Coal’s unpaid health bill in Bosnia & Herzegovina estimated at €3.1 billion

Category: Air
Published Date

Sarajevo/Brussels, 15 March 2016 – First-ever estimates of the health costs associated with air pollution from coal power plants in Bosnia and Herzegovina are released today as part of a report covering the Western Balkans region produced by the Health and Environment Alliance, a European non-profit alliance.


- A new study quantifies the public health costs of polluted air from existing coal-fired power plants in Bosnia and Herzegovina at up to 3.1 EUR billion per year in annual health damages

- Three of the 10 most polluting coal-fired power stations in Europe are located in Bosnia and Herzegovina adding to air pollution as a serious health problem

- Phasing out coal for electricity generation would improve air quality and health and reduce carbon emissions

“The Unpaid Health Bill - How coal power plants in the Western Balkans make us sick” puts the costs to health from existing coal plants in Bosnia and Herzegovina at up to 3.1 EUR billion per year representing one third of the total costs from this source in the Western Balkan region.

The calculation of health costs directly related to air pollution from coal-fired electricity plants takes into account premature deaths, respiratory and cardiovascular hospital admissions, new cases of chronic bronchitis and lower respiratory problems, medication use and days of restricted activity due to ill-health, including lost working days. The costs, which are paid by individuals and governments and not by the coal industry, include both health costs for the Western Balkans as well as for the European region because wind carries pollutants across national borders.

Using coal to create electricity adds very significantly to air pollution, which is a major health risk in the Western Balkans. Bosnia and Herzegovina is home to three of the 10 most polluting coal-fired power stations in Europe. (4) The Ugljevik plant is the most polluting plant in Europe for emissions from sulphur dioxide (SO2) followed by the Kakanj and Tuzla plants. Sulphur dioxide is of particular concern for health because it reacts in the atmosphere to form particulate matter, which causes a range of health impacts.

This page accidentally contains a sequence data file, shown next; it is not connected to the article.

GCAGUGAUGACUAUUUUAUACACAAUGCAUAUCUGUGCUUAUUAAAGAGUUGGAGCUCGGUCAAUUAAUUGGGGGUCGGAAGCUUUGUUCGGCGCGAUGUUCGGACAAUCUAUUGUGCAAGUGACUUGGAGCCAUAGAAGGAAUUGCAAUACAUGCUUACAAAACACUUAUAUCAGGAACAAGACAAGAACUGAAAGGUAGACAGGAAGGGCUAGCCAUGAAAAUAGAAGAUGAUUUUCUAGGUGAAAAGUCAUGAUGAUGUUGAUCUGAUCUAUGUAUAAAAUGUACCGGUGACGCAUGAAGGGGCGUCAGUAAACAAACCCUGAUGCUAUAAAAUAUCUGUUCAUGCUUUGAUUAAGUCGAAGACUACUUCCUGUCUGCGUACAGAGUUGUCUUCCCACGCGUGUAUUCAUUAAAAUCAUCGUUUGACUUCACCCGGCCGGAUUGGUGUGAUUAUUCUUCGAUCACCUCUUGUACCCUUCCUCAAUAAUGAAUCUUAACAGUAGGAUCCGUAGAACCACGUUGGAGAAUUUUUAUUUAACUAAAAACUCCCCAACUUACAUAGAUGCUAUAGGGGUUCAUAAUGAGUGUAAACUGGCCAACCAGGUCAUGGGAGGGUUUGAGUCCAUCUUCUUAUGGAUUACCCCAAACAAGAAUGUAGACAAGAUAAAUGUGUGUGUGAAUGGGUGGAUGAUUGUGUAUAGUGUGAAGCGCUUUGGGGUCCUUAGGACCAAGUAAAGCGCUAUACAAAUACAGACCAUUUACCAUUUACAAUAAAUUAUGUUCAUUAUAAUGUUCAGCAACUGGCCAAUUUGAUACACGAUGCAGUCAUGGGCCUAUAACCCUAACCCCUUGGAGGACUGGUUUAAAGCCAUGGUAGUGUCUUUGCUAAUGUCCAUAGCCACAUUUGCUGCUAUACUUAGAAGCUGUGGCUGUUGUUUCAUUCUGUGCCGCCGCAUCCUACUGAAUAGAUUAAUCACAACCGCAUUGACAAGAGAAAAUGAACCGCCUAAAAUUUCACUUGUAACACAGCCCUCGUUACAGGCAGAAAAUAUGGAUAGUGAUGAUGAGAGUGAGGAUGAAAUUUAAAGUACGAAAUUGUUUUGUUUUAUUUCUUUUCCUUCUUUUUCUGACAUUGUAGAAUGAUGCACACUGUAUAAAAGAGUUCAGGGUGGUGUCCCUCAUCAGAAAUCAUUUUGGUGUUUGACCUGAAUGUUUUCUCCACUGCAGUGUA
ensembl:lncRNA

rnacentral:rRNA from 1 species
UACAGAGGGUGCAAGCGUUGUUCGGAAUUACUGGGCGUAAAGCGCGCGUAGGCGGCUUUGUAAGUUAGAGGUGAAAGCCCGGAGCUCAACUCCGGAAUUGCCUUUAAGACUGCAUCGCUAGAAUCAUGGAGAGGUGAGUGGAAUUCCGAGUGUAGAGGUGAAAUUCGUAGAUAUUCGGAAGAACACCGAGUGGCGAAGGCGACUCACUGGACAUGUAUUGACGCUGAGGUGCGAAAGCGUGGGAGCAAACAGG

“Our new report quantifies the huge damage to health associated coal power plants both in Bosnia and Herzegovina and in other countries of the Western Balkan region,” says Vlatka Matkovic Puljic, Health and Energy Officer, Balkans Region, Health and Environment Alliance (HEAL). “We hope that the findings will encourage the government of Bosnia and Herzegovina to reconsider national energy plans for coal and lignite and to increase investment in wind and solar power alternatives.”

The combination of coal and other exhaust from industrial, transport and domestic sources in the air robs countries of health and prosperity. Figures from the World Health Organization (WHO) show the economic cost of early deaths from air pollution in Bosnia and Herzegovina at 21.5% of national GDP compared with 4.5% in Germany. Bosnia and Herzegovina experiences episodes of poor air quality which last several months.

“Higher levels of air pollution result in more asthma attacks and an increase in hospital admissions for lung and heart problems,” states Professor Dr. Zehra Dizdarević, a pneumologist. “Patients with asthma and other respiratory problems suffer greatly during smog episodes. Children with breathing conditions cannot play outside and may not be able to go to school. Some adults may be prevented from going to work because of the air pollution and older people are more likely to need hospitalisation."

Source: HEAL


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